So given that, I was wondering if any of you had worked together with someone else to write something, or if you had any other tricks for brainstorming ideas.

Monday, September 9, 2013

What do you think about self-publishing?

So now that we've all been able to hear what Mr. Brewer had to say about his writing process, his influences, his career, and A Box of Pandoras, did your opinion of the book change? Mine did a little, for the better. Before reading the story, I noticed the lack of publisher information on the first page. Self-publishing is often a red flag for me--not outright a bad sign, but more of a signal to tread cautiously. However, I ended up mostly liking the story (although Loretta did annoy me at times). That opinion solidified after hearing more about Mr. Brewer's past as a journalist, that he'd written 28 books so far, and that he's a legitimate authority on crime fiction and mystery. I also especially enjoyed hearing about all the books he's read in his life, from childhood to now, which I think is a hugely important factor for how much of an authority on writing and storytelling someone is. What do you think about self-publishing? Is there more for a self-published author to prove, or does it not matter?

Discussion layout: Box of Pandoras

Omkulthoom Qassem
Meet the Authors
“Box of Pandoras” Discussion


Pull out a piece of paper and write down the name of the person you first thought of as the murderer. Be honest!

Compare results, who seemed like the most plausible suspect? Whose name was repeated the most?  


1. What was your first impression of Loretta? Could you see something of yourself in her character? Yes or no? and if yes what characteristic?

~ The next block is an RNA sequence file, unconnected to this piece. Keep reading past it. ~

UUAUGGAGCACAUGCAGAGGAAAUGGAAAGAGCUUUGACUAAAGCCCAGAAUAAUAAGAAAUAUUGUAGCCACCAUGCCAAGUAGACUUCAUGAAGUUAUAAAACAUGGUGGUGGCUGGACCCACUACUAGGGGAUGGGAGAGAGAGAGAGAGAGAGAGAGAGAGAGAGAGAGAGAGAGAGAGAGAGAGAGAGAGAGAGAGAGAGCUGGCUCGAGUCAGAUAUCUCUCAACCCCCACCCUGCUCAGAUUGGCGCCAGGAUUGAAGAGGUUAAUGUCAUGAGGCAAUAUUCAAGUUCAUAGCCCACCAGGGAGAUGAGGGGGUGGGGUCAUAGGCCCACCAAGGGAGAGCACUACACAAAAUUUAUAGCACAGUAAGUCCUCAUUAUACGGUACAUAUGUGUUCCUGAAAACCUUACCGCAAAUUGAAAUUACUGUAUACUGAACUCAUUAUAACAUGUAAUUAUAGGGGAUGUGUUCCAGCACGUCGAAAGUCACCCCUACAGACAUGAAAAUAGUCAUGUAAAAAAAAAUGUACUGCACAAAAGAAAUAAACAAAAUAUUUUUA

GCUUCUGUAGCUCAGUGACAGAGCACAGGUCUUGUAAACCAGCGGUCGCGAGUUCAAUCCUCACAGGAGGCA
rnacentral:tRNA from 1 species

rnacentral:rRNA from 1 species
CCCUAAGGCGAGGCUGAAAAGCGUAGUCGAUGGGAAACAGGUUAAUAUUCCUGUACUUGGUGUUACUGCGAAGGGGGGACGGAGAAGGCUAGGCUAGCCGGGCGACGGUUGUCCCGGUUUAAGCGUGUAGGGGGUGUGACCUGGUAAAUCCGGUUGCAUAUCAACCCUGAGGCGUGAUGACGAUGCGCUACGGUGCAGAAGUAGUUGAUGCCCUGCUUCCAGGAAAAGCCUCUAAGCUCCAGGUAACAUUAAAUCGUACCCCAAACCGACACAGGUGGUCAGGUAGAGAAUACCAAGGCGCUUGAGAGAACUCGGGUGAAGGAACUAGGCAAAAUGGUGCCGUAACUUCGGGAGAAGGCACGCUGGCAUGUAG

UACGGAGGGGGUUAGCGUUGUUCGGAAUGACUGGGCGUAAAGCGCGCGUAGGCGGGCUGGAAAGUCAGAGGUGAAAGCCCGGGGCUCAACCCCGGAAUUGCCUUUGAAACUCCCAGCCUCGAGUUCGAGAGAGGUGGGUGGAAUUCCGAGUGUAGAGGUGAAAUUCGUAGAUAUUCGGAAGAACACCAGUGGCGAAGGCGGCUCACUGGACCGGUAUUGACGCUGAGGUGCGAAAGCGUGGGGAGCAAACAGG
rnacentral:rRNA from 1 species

2. Did any of you anticipate the outcome of the mystery? Did you feel that there were enough clues for the reader to figure out who the suspect was if they played close attention?

3. Loretta had many quirks about her, one of my favorites being how she just found random sorts of pills in her bag and used them. What was your favorite and why?

4.What was your impression of Harley and Loretta’s relationship?

5. When you began reading this book what did you anticipate it being about?

6. If there is one part which you particularly liked or which stuck out to you the most tell us which part and why?

7.  What did you like most about the author’s writing style?

8. Did the person you thought was the murderer shift throughout the book? Did the author do this on purpose? Leaving red hearings for the wrong people?

9. Which part surprised you the most?

10. And finally last but not least what did you take away from this book as a whole?

Thursday, September 5, 2013

Thoughts on Box of Pandoras

I was wondering what the class thought so far of the book Box of Pandoras? I'm only halfway through it at this point, (will be finished with it tomorrow night), but personally, I can't seem to get into the narrator's head, even when there's comments that a woman of her age and nature would say. I am a guy after all, as is the author, but something doesn't click between myself and the narrative.

Secondly, I really like Mitzi and Nannette. They kind of remind me of a combination between Rita Skeeter (from the Harry Potter series) and Michelle Pfeiffer. That's just simply what my brain cast them to be. However, their characters seem to be overdone (in a good way I suppose). Everything Mitzi does is outlandish, outrageous, frivolous, and very exaggerated, while Nannette is the exact opposite, but they complement each other perfectly. I think the author had a great time writing these characters into the plot.